Chef of the Week: Daniel Lee, Head Chef at Galvin Green Man in Essex
How long have you worked at your current restaurant?
Three years at Galvin Green Man (six and a half years with the company including three years at Michelin-starred la Chappelle)
Where did your passion for cooking come from and where did you learn your skills?
My passion for cooking came from the want to do something both practical and creative. I found cooking to be both of these and this was enhanced by the fantastic knowledge given by my college tutors who went above and beyond to make sure the course was covered in great depth. I learnt the foundations of my craft at Sheffield City College completing the professional chefs diploma NVQ level 3.
What do you enjoy most about being a chef?
I think my favourite part of being a chef is getting to cook with fantastic fresh seasonal ingredients on a daily basis. This and the diversity of the kitchen.
Name three ingredients you couldn’t cook without.
Smoked Maldon sea salt, lemons, butter, thyme and garlic – 3 wasn’t enough and with these 5 ingredients you can make even the most bland of ingredients taste great.
Which piece of kitchen equipment couldn’t you live without?
I don’t think it would be possible to live without a good blender and a fine chinois. This can be the difference between ok and exceptional.
What food trends are you spotting at the moment?
I think the biggest trend we’re seeing at the moment is a more simple approach to cooking and plating with a real focus on quality of ingredient and detail in flavour.
What do you think is a common mistake that lets chefs down?
A big mistake I see a lot of chefs make is over complicating dishes. Either it be to many ingredients or flavours or too fiddly in composition. I’m guilty of making these mistakes too along the road but now much prefer a simpler approach.
What is your favourite time of year for food, and why?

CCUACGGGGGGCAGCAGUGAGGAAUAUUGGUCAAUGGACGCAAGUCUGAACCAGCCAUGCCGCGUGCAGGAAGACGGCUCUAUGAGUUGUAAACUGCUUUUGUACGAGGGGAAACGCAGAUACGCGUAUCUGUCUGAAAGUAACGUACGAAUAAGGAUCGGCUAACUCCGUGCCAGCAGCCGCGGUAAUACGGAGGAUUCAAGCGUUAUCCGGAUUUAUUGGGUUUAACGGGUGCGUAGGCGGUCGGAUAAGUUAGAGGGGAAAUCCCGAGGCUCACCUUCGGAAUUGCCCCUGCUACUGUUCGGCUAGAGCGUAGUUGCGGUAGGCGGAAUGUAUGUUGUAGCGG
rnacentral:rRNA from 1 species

Late summer moving into autumn is a great time of year. A lot of garden vegetables are ready to harvest and also the introduction of game and orchard fruits are both welcome additions.
Which of your dishes are you most proud of?
I think my proudest dish is one produced for competition rather than restaurant. It took me all the way to the final of The Roux Scholarship in 2015 and was judged by some incredible chefs and received outstanding feedback. The dish was as follows: poached and roasted guinea fowl, baby spring vegetables, spinach gnocchi, mushroom consommé.
How do you come up with new dishes?
The art of creating new dishes is a complex one. I personally take to books for inspiration, taking elements from dishes I like, but the driving force is the market and what is available and in season.
Who was your greatest influence?
My level 3 college lecturer Mick Burke has been the biggest influence as he showed me the importance of being driven from a young age and encouraged me to make the most of a career in hospitality as it can be highly rewarding.
Tell us three chefs you admire.
Chris and Jeff Galvin both count as one for me. Being able to work closely with two great chefs has been invaluable to my development. Andrew McConnell (an Australian chef/restaurateur based in Melbourne), I had the privilege of spending six months in his two hat restaurant Cutler & Co. I really enjoyed this time spent under him. He had a great ethos which reflected in every single team member and his food was highly creative. The late Andrew Bennett MBE, the first chef I worked for in London of whom I’ll always admire for his humble approach and his time and guidance given to many. A true gentlemen.
What is your favourite cookbook?
Favourite current cookbook is most probably ‘Rrestaurant Nathan Outlaw” but this can change weekly.
Who do you think are the chefs to watch over the next few months?
I’m keeping a close eye on Ian Musgrave from The Ritz. He is this years Bocuse D’or candidate and hoping for a wildcard for the finals. I have my fingers and toes crossed for him.
What’s been your favourite new restaurant opening of the last year?
Tricky question as not many have opened. I’m just grateful for those who have managed to continue trading through hard times.
Front of venue shot: Mathew Nutt Photography
Portrait: Paul Mathews Photography